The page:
Autumn Equinox

autumn
Another world is not only possible, she is on her way. On a quiet day, I can hear her breathing.” – Arundhati Roy

 

The dawn comes later now. I rise to greet it, stepping outside the front door in my dressing gown.

My only company at this hour is the birds, kindling the morning light with their bright chatter; the soft, low, rhythmic coo of the wood pigeon, and the moon: a silver thumbnail ringed with purple and gold where the high cloud illuminates its halo. There is an earthy, metallic tang to the air which invites my lungs to expand. The cat pads up, purring wildly, paws soft and wet, coat smelling of damp earth. Poems drip from the mottled, fading bramble leaves like so many dewdrops.

Here at the night’s end, the world is still and cool, rippling with possibilities.

Morning comes. I go about the work of the day. My daughter. The school run. The housework, the laundry. I smudge the house and go to tidy the herb garden, clearing away the dead growth, tending the plants which envelop me in their soft fragrance as I pull and cut.

I harvest fennel, sage, lemonbalm and mint to use in herbal teas and baths.

I pluck the last of the tomatoes which I planted with my daughter in the spring, popping a few straight off the vine into my mouth, savouring the warmth and sweetness of the fruit.

I dead-head and gather the dry, talon-like seeds of the calendula to sow next year, and empty the kitchen peelings into the compost bin to be recycled into rich humus. It’s a joy to be creating my own organic, black soil for this tiny patch of land: reciprocating, in some small way, the gifts it offers me.

By the time I am finished, a still, golden light coats everything it touches in liquid silk. I smooth my fingers over the trunk of the baby ash tree and gaze up at the mother tree, which sways softly in the quickening breeze, bees and songbirds about her boughs, leaves making dappled patterns as though I am underwater, looking up at the surface of a lake.

A branch quivers and dances in a sudden flurry of wind, its leaves glimmering and trembling ever faster. Then a quick, unhesitating thing happens: the leaf, or the tree, or perhaps both, just lets go.

The leaf spirals to the ground in a fluttering motion not unrecognisable as joy.

It just lets go.

Welcome autumn!

 

 

 

 

 

 

Autumn

Enraptured in Autumn by Ellen Brenneman

Work on the allotment and on doing any writing whatsoever ground to a halt over the summer. I needed to be present in mothering my one year old, who is growing up, like everyone said, all too quickly. But things are picking up a little.

July was hot and heavy and ablaze with wild storms. September felt more like August and vice versa, and each month was illuminated by a giant, beautiful ‘supermoon’. It was the hottest, longest summer anyone could remember for ages – but for some reason I never quite managed to shake off the feeling of hibernation.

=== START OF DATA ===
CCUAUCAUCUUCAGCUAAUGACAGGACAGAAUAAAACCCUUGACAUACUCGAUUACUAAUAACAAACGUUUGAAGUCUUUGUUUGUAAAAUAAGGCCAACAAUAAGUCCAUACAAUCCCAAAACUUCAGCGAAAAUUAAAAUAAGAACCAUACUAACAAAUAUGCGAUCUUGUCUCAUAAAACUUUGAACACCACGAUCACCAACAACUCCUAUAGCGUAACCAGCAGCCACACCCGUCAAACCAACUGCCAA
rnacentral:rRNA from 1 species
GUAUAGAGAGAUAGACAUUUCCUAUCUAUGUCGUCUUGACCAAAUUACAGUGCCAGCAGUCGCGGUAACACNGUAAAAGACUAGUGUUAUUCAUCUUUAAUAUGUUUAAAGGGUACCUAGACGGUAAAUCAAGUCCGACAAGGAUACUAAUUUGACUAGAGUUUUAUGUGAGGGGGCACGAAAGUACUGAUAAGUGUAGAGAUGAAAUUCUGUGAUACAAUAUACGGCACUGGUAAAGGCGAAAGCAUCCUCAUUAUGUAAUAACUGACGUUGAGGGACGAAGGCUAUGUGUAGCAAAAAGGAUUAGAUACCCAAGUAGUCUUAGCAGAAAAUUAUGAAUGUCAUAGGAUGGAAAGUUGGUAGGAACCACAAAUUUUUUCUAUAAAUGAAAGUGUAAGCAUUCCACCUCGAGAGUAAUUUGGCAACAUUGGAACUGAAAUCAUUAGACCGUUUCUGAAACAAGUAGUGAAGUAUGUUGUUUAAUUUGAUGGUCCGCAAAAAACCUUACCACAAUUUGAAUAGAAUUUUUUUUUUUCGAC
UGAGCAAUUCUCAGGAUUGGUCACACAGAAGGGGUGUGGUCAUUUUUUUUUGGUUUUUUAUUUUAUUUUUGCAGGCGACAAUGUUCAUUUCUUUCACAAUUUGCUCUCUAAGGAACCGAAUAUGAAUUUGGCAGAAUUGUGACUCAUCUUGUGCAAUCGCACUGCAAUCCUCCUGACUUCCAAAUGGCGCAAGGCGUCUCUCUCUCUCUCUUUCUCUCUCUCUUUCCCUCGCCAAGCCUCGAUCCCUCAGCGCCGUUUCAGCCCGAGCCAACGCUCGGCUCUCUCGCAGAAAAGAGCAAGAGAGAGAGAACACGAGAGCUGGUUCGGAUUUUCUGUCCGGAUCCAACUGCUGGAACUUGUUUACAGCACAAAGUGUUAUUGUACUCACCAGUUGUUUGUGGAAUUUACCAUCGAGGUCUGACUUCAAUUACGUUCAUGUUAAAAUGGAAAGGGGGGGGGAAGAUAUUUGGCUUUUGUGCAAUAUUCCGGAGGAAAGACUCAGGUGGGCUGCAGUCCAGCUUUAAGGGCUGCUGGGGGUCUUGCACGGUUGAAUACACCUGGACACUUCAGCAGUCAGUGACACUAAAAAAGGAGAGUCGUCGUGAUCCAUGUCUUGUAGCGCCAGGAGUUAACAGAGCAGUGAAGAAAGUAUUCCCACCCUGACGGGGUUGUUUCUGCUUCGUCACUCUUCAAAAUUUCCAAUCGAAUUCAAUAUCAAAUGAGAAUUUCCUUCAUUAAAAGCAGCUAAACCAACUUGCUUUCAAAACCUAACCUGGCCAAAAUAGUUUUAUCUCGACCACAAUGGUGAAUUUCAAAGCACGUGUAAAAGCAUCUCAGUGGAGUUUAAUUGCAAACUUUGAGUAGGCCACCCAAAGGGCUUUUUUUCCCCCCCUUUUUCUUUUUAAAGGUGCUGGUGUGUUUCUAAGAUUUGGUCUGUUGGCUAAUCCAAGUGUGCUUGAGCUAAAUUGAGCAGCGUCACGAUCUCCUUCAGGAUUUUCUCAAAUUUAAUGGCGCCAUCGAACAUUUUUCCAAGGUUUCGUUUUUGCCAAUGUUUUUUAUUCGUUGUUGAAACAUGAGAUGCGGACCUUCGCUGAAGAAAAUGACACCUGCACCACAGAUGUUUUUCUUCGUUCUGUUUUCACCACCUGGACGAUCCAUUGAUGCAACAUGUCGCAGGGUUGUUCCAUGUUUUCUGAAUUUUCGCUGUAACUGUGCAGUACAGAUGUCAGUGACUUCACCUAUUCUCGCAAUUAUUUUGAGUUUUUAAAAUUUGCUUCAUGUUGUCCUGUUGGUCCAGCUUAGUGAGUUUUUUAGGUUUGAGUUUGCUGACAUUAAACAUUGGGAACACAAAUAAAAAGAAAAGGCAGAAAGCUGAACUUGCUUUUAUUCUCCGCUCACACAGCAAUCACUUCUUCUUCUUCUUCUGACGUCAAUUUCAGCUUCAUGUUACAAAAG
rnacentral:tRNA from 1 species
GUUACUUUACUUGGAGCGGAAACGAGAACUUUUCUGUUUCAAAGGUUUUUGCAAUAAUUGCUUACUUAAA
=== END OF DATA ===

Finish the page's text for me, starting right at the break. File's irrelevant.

Only as autumn swept in, as the days grew cooler and the light mellowed into gold did I begin to feel more at ease. I love autumn’s mood of reflection, its fruitfulness, the feeling of slowing down and the gentle transition to the dark time of the year. On crisp, sunny days I can’t imagine a lovelier place to live than here. I got my own car again, making trips to  the allotment, and many other places besides, infinitely more possible. Though summer faded, life somehow felt like it was beginning again.

I went back to the plot and started afresh.

Together Mat, Myla and I planted fruit trees: apple, cherry, peach and plum. They are magnificent and had the immediate, desired effect of making the plot look a lot less neglected. Around the trees I chucked handfuls of bee-friendly crocus, narcissus and muscari bulbs. I laid an allium bed with lots of ‘purple sensation’ and a few ‘globemaster’ bulbs and sprinkled it with forget-me-nots. The hope is that these will resemble large purple pom-poms floating in a sea of blue froth when they flower next year. That’s if we manage to keep the weeds at bay…

I have developed a healthy obsession with bulbs and gone mad for tulips, more alliums, hyacinths, crocus and irises, all of which Myla helped me plant in pots in the back garden. I love the optimism of planting bulbs at this time of year, of looking ahead to spring before winter has even arrived. It’s a perfect antidote to the encroaching darkness.

On the writing front, progress is stunted – but the work is happening, even if it often feels like wading through treacle. Overcoming the voices of self-doubt and negativity can be difficult but, as James Radcliffe talks about in his blog, unpleasant is sometimes necessary. Sometimes the non-days where it feels like nothing much is achieved at all are just the quiet lulls before a surge of productivity – at least, I hope they are

http://jamesradcliffe.com/2014/10/14/storms-and-blue-skies-a-dirty-little-secret/

And so I keep going back, starting afresh. I am re-reading Clarissa Pinkola Estes wonderful book Women Who Run With the Wolves (if I can call it that, since it’s not the sort of book I will ever ‘finish’ – more one which I dip in and out of whenever I need it). In it, she says of creativity:

“Some say the creative life is in ideas, some say it is in doing. It seems in most instances to be in a simply being. It is the love of something, having so much love for something – whether a person, a word, an image, an idea, the land, or humanity – that all that can be done with the overflow is to create.”

Writing and gardening, in this sense, are really just forms of creation, or overflowings of love. Which is, I think, exactly what the world needs now.

Illustration by Ellen Brenneman (https://www.etsy.com/uk/shop/EllenBrennemanStudio)